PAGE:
The Essential Nature of Empathy and How the Internet Screws It Up.

If you ever want to feel bad about yourself, hang out in the comments section of any website.

After sitting amidst the maelstrom of pieces on Prince’s death yesterday, I clicked on the comments section of a piece on NJ.com. I’m not going to link to it. It bummed me out in its racist, queerphobic litany. So I closed my browser and went on with my day.

When my Guardian piece was published last June, I soared over how it seemed to resonate with people and how often it was shared…and then I read the 1000+ comments on both the site and on Facebook. Ouch. Ouch. Ouch. I wasn’t smart enough. I wasn’t Christian enough. I wasn’t gay enough. Everyone had a prickly opinion on me and my faith. I thought I was tough enough to take it. I was and I wasn’t; going back and reading some of these today really hurts.

Two days ago, the brilliant, open-hearted writer Stephanie Wittels Wachs published an amazing and stirring piece on the dangers of the internet and how it deadens empathy, framed around the death of her brother, television personality and writer Harris Wittels. I wept a little when I read this, and its companion piece from almost two years ago about Harris’s death.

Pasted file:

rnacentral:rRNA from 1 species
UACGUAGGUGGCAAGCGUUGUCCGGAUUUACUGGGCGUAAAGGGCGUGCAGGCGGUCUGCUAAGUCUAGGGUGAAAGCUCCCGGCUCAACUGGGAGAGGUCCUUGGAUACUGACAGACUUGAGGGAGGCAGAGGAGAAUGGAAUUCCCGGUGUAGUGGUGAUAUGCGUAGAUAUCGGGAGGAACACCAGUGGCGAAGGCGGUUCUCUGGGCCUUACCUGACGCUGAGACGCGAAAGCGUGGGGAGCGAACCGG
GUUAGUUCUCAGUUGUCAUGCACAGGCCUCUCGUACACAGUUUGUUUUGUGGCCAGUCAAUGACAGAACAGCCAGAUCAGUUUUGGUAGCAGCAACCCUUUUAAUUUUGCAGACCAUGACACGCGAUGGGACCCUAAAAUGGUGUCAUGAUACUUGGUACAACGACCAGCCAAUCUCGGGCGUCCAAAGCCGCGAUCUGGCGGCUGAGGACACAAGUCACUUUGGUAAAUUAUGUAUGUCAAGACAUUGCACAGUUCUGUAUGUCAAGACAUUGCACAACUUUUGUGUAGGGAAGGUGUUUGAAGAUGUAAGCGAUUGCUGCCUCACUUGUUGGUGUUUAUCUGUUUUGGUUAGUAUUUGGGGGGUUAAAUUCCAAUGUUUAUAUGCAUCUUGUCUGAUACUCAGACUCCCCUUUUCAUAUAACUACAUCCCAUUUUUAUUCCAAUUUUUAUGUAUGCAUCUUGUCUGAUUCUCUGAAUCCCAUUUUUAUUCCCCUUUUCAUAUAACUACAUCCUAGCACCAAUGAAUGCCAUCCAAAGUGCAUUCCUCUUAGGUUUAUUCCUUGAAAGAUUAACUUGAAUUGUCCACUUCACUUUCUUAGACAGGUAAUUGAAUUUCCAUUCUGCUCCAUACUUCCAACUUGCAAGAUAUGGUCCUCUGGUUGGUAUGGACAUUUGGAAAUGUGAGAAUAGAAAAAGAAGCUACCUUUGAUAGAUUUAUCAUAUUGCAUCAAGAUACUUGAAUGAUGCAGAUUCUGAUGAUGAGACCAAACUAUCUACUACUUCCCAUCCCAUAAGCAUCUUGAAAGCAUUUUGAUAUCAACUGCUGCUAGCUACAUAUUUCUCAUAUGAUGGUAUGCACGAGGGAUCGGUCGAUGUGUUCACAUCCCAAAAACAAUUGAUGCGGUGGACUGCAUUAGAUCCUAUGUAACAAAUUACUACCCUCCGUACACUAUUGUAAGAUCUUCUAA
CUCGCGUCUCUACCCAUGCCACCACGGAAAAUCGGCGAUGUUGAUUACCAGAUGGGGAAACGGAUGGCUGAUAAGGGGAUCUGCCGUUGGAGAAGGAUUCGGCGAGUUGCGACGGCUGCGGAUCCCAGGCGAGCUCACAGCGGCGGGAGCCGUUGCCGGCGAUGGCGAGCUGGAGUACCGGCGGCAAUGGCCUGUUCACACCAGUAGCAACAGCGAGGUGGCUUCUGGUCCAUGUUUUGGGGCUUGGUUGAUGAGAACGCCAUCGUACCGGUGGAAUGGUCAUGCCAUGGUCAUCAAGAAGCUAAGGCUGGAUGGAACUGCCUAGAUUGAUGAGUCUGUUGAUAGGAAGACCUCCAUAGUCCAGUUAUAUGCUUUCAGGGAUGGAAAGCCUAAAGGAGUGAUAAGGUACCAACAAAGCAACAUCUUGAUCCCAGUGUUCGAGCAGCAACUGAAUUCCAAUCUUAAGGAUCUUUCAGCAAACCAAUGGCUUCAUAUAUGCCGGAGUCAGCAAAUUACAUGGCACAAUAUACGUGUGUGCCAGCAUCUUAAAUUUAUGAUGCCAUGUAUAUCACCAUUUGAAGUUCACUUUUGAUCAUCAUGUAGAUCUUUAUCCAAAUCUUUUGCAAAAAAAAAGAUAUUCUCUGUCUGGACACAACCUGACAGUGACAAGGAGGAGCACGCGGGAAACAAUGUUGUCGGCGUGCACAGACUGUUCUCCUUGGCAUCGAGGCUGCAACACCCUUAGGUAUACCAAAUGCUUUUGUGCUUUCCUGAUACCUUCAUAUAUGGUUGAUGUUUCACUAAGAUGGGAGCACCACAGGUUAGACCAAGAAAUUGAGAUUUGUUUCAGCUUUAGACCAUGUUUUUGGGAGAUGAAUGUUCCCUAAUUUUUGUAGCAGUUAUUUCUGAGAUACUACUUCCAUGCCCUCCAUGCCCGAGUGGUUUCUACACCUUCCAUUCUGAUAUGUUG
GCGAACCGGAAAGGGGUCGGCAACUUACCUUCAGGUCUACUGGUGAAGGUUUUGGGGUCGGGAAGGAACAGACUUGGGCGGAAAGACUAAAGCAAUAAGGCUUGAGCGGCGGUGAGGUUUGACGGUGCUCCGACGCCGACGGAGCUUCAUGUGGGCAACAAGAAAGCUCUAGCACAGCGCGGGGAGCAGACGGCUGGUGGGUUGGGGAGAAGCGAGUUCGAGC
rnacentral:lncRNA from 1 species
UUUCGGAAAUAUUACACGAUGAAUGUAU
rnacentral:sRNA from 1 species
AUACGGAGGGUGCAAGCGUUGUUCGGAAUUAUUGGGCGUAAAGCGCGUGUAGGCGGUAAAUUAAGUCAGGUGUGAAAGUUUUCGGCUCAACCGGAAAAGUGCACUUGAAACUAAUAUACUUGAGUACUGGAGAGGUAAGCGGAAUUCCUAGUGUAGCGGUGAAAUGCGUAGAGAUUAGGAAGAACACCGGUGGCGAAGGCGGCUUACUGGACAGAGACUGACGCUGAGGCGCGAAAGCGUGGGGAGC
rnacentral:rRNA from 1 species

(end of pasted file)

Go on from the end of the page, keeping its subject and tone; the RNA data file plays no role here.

She nails it:

Maybe people are just shitty. Or maybe it’s the internet’s fault. Or maybe people are just shitty and it’s the internet’s fault.

Regardless, it’s time to resurrect the Golden Rule. Let’s all take a breath, shake it off, and declare a do-over. Let’s start listening to each other, especially when we disagree. Let’s value our differences instead of vilifying each other for them. Let’s be inclusive and kind. Let’s be compassionate and empathetic to the plights of others. Let’s be human beings. Because we’re never going to get anywhere if we continue to treat each other like garbage.

A wise man who I loved very much once said: “Let’s stop finding a new witch of the week and burning them at the stake. We are all horrible and wonderful and figuring it out.”

It’s so easy to roboticize our personalities and those of others on the internet; I read those comments on my piece and I get my Irish up, ready to say unconscionable things to people who might feel comfortable calling me a faggot and worse from the comfort of their laptops, wherever they may be. And sometimes, those comments are deleted, and sometimes they aren’t. I can’t control that. But I can control the context and level of response and adherence to the Golden Rule, if I so choose.

So, let’s be better. That’s the root of the root and the bud of the bud of all of this.

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